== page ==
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Jonnu Smith can’t wait to connect with Hunter Henry, ‘excited’ about opportunity with Patriots

Newly acquired Jonnu Smith promises to be the hardest-working player on the Patriots.
Newly acquired Jonnu Smith promises to be the hardest-working player on the Patriots.Wade Payne/Associated Press

In his first comments since agreeing to a deal with the Patriots, tight end Jonnu Smith said Wednesday he is excited at the possibility of getting “creative” as part of New England’s two-tight-end sets alongside Hunter Henry.

“I’ve seen the success that they’ve had with two-tight-end sets years ago,” Smith told NFL Network. “It shows how creative they can be. ... A lot of teams really don’t lean on two-tight-end sets the way the Patriots do.”

Smith, 25, agreed to a four-year, $50 million deal with New England. A former third-round pick out of Florida International, he spent the last four years with the Titans, and last season he caught 41 of his 65 targets for 448 yards and 8 touchdowns.

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He’ll get a chance to work with the 26-year-old Henry, who agreed to terms Tuesday on a three-year deal with a maximum value of $37.5 million ($25 million guaranteed). Henry has 2,322 yards and 21 TDs in 55 games, all of them with the Chargers.

It’s a step up for the Patriots, who got just 18 receptions total out of the tight end position in 2020.

Smith and Henry will be part of a New England passing game that is anticipated to include holdovers Julian Edelman, Jakobi Meyers, and Damiere Byrd, among others.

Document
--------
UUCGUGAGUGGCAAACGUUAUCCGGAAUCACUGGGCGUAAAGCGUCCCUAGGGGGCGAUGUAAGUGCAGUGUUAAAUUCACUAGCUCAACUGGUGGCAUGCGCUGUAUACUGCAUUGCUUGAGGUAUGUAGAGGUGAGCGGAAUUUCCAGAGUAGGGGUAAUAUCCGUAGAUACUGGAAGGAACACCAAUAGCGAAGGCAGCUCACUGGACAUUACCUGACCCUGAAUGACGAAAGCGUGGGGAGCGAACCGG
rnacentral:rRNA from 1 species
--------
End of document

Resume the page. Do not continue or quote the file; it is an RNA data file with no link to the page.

But Smith doesn’t sound worried about competition for targets, in large part because of how Bill Belichick has been able to effectively deploy two-tight-end sets in the past with the likes of Rob Gronkowski and Aaron Hernandez.

Last year, Jonnu Smith caught 41 of his 65 targets for 448 yards and 8 touchdowns.
Last year, Jonnu Smith caught 41 of his 65 targets for 448 yards and 8 touchdowns.Jim Mone/Associated Press

“I’m a competitor; I’m sure he’s a hell of a competitor as well,” Smith said of Henry. “So, just being able to go in there, just going to try to outwork each other, it’s only going to make us better. I’m looking forward to it. I’m just excited for the opportunity and just waiting to get to it.”

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One of the things that made those two-tight-end sets work a decade ago was a willingness on the part of the players to line up in multiple spots. Smith, who worked part-time as a tailback in Tennessee (he ripped off a 57-yard run last year against Houston), says that versatility is right in his wheelhouse.

“I feel like I’m the most versatile tight end in this league,” Smith said. “I know what I can do once the ball is in my hands. There’s no tight end in the league better than me at that.”

Smith was asked what sort of player New England is getting in him.

“They’re definitely getting the hardest worker that’s ever came through Gillette Stadium,” said the 6-foot-3-inch, 248-pounder. “That’s just what I believe in. That’s all I know.

“I was never the highest-recruited high school player, never labeled the best tight end in college. Even at this level, I just had to carve out a path for my own self.

“That’s what kept me going. That’s what kept me in that weight room an extra 30 minutes more than other guys. That just kept me going. Staying after practice on the JUGS [machine] every day. That’s all I know. That’s what I believe in.

“There’s just not a guy that, when I walk in that building, that can outwork me. I’m sure the Patriots, that’s what they believe in.”

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Christopher Price can be reached at christopher.price@globe.com. Follow him on Twitter at cpriceglobe.